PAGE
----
Lisa Clemans-Cope, Ph.D. and Cynthia D. Perry, Ph.D.

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September 1, 2008

Lisa Clemans-Cope, Ph.D., is a research associate for the Health Policy Center at the Urban Institute. She received a B.A. in economics from Princeton University and a Ph.D. in health economics from the Bloomberg School of Public Health at Johns Hopkins University. Dr. Clemans-Cope's work has focused on issues related to health insurance and health care reform. In research studies, she has examined the impact of various public policies to reduce private health insurance premiums and expand health insurance coverage, as well as the development of microsimulation models to examine state and national reform proposals, changes in the offering and up-take of employer-sponsored health insurance, and the effects of public policy on access to health care, service utilization, and enrollment in health insurance plans for vulnerable populations.

Cynthia Perry, Ph.D., is also a research associate at the Urban Institute's Health Policy Center. She earned a B.A. from Boston College in economics and a Ph.D. in economics from the Massachusetts Institute of Technology. Dr. Perry spent two years as a Robert Wood Johnson Health Policy Scholar at Harvard University. During this time, she studied the effects of maternal depression on child health management. Dr. Perry's research has included investigating the effects of health insurance on child health outcomes, access to and the quality of preventive care for children, and health insurance coverage for low-income working families.

Drs. Clemans-Cope and Perry are co-principal investigators on a HCFO-sponsored study funded through a special topic solicitation on health care costs. The researchers will examine how using different measures of affordability as a tool for subsidizing health insurance affect access to health insurance for those who are currently uninsured and those who have chronic health conditions with high health expenditures. Dr. Perry explains, "Using affordability standards to define and target premium subsidies or tax credits can help guard against a high financial burden, even among those with coverage, since insurance coverage itself does not always provide protection from increasing health expenditures. This is particularly true for those with low incomes and those with chronic health conditions."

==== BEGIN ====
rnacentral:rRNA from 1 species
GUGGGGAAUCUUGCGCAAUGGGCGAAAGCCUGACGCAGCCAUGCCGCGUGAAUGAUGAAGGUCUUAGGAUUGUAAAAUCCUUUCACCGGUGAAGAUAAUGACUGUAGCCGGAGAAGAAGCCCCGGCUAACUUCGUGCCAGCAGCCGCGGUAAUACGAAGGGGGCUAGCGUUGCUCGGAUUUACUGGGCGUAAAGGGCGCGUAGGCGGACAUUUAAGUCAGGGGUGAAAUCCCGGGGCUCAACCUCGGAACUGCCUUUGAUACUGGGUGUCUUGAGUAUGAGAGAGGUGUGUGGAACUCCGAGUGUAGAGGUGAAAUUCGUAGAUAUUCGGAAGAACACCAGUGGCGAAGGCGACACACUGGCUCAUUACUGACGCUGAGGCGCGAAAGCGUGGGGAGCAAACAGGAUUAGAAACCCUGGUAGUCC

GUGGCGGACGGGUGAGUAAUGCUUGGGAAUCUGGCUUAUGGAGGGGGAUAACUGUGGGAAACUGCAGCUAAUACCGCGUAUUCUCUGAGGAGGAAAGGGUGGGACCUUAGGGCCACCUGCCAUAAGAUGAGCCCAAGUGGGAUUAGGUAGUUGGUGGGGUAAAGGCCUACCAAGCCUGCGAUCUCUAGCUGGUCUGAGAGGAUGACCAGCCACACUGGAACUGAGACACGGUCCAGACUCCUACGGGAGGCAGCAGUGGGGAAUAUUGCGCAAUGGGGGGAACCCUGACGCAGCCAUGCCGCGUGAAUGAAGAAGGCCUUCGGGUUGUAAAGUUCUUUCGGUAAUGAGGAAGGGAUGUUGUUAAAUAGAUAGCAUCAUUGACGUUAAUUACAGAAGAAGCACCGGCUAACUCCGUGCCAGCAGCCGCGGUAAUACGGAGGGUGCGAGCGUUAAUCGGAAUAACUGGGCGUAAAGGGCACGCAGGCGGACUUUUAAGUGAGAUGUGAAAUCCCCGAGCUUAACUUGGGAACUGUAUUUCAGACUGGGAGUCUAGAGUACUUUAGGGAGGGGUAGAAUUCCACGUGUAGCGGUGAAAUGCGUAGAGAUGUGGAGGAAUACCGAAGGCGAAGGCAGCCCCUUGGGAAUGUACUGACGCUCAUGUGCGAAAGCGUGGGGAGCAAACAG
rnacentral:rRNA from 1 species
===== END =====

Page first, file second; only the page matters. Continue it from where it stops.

The researchers will use several national data sets to estimate total and out-of-pocket expenditures for individuals under standard benefit packages purchased in the group or non-group market. Total and out-of-pocket expenditures will then be predicted for uninsured individuals as if they were insured through their best available option in the group or non-group market. In their study, the researchers define total health care spending as premiums and out-of-pocket costs, and they define these costs as "affordable" if they fall below a given standard of spending as a percent of family income. With these data and this measure of affordability, the researchers will: 1) describe the availability of affordable health insurance among the currently insured and uninsured populations; and 2) explain why take-up of health insurance varies, given affordability.

The number of Americans without health insurance continues to rise as many individuals find health insurance coverage to be unaffordable. Drs. Clemans-Cope and Perry note a principal objective of this research is to provide empirical evidence on various measures of affordability, to inform the construction of policies intended to increase coverage and ensure equitable financial burden for those who acquire coverage. Dr. Clemans-Cope adds, "Many policymakers are aware that the lack of affordable health insurance plays an important role in the growing number of uninsured. However, it is difficult to define what is 'affordable' for different Americans. We believe our findings will be of interest to policymakers and others at the state and federal level as health insurance reforms such as premium subsidies and mandates to purchase coverage are considered."

For more information on these grantees and a list of publications, see:

Lisa Clemans-Cope, Ph.D.:

Cynthia Perry, Ph.D.: